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Book Discussion: Every Last Word

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Every Last Word by Tamara Ireland Stone

Summary

From the outside, Samantha McAllister’s life seems perfect. She’s a popular junior with a  group of beautiful friends, a stellar swimmer, and a tight-knot family. But Samantha is hiding a secret: she has purely obsessional OCD. She spends her entire life trying to cope with her anxiousness and obsessive nature.

But one day, Sam meets Caroline, who introduces her to a world of poetry, secrets, and moody poet boys. And Sam starts to realize that she can be more than just a popular girl with a dark secret.

Every

heartRomance Score: You’re Trying

I couldn’t really buy into the romance of this book. First, Sam and her friends bullied AJ for most of middle school, and based on the descriptions, it was pretty traumatic. I can’t imagine why AJ was willing to be friends with Sam, let alone be open to some kind of love interest. Second, the author makes it pretty clear that Sam’s OCD means that she obsesses over boys that she likes. However, other than one short episode, her relationship with AJ seems pretty “normal”. It was hard for me to understand this – nothing about her relationship with AJ seemed different than that with other boys, so why wouldn’t her illness make her obsess over him? This romance left me more confused than anything else.

Feminist Score:  You’re Trying  Rosie

Sam and her friends, the “Crazy Eights” have a toxic friendship. Not only do they bully other kids, but they instantly turn on each other if one of them decides they have interests other than the group. And while there is some growth throughout the book, I don’t think the topics of bullying or backstabbing are really discussed enough for a full resolution.   And while the portrayal of female friendship between Caroline and Sam is pretty strong, the ending of the  book makes you question whether strong female friendships really do exist.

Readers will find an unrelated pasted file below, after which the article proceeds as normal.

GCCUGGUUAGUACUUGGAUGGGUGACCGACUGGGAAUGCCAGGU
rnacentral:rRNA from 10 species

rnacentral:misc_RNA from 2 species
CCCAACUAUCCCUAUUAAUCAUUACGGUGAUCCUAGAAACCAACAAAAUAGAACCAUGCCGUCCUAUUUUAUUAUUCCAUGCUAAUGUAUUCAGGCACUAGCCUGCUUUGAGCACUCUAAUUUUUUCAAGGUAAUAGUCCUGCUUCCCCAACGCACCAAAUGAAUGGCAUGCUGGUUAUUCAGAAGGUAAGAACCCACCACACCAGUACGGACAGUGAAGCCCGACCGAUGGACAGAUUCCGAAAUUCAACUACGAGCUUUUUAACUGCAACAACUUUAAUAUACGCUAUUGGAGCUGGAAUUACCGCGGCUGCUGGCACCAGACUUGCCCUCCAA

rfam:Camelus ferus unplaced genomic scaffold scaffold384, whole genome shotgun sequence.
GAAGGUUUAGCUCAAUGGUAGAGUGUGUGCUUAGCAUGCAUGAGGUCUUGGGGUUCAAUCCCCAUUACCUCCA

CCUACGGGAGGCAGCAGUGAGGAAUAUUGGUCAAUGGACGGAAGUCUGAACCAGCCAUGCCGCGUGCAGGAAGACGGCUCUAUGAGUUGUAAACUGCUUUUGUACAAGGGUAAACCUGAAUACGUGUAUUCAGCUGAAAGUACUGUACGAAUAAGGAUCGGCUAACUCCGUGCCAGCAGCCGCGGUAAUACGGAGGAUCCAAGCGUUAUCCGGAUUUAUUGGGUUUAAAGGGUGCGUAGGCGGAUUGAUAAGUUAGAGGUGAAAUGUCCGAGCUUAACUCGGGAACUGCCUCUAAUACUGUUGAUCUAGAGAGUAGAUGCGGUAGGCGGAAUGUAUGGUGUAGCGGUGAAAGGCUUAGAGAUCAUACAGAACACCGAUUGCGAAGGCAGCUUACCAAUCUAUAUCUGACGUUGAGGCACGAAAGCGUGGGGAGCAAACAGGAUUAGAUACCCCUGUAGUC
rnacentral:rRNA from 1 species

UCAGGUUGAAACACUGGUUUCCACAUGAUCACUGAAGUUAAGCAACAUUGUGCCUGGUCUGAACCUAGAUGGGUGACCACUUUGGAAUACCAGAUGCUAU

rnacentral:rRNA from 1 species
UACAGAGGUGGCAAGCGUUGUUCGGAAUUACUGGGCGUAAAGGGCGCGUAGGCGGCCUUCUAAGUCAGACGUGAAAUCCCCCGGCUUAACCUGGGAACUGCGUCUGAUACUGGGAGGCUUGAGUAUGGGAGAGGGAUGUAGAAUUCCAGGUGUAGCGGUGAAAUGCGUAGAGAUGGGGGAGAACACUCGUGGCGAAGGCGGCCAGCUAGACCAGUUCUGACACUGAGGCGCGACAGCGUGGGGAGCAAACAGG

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Diversity Score: Between You’re Trying and Good Effort

Sam, the heroine, has Purely-obsessional OCD. She seems like a “normal” pretty, athletic, popular girl, but her mental state is anything but. I liked the portrayal of a seemingly perfect character as something more complex, but she was the only diverse character in the book. All of Sam’s friends (new and old) are straight and white. A bit of diversity would have been appreciated!

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Awesome Factor: Between You’re Trying and Good Effort

I really wanted to like this book. The plot and mental illness affecting the main character seemed interesting, but I just couldn’t get behind the book. There are a couple of reasons for that – 1. The Ending. I don’t want to spoil the book, but the ending unravels the entire plot in a way that left my unsatisfied. 2. The romance wasn’t believable to me and 3. The friendships seem toxic and without enough growth.  This book just didn’t appeal to me, but it may be good for other  readers! I’d love to hear from someone with Purely Obsessional OCD.


 

Favorite Character

Sam’s therapist, Sue. Sue is Sam’s support system, and the way she makes it through high school. I love that Sue works closely with Sam’s mom to maintain therapy throughout the weekdays, and how she always pushes Sam to find better friends.

Favorite Line

I love the description of the Poet’s Corner:

“I spin a slow 360 In place, taking it all in. All four walls are covered with scraps of paper in different colors and shapes and textures, all jutting out at various angles. Lined paper ripped from spiral-bound notebooks. Plain paper, three holed punched. Graph paper, torn at the edges. Pages that have yellowed with age, along with napkins and Post-its and brown paper lunch bags and even a few candy wrappers”.

 Fun Author Fact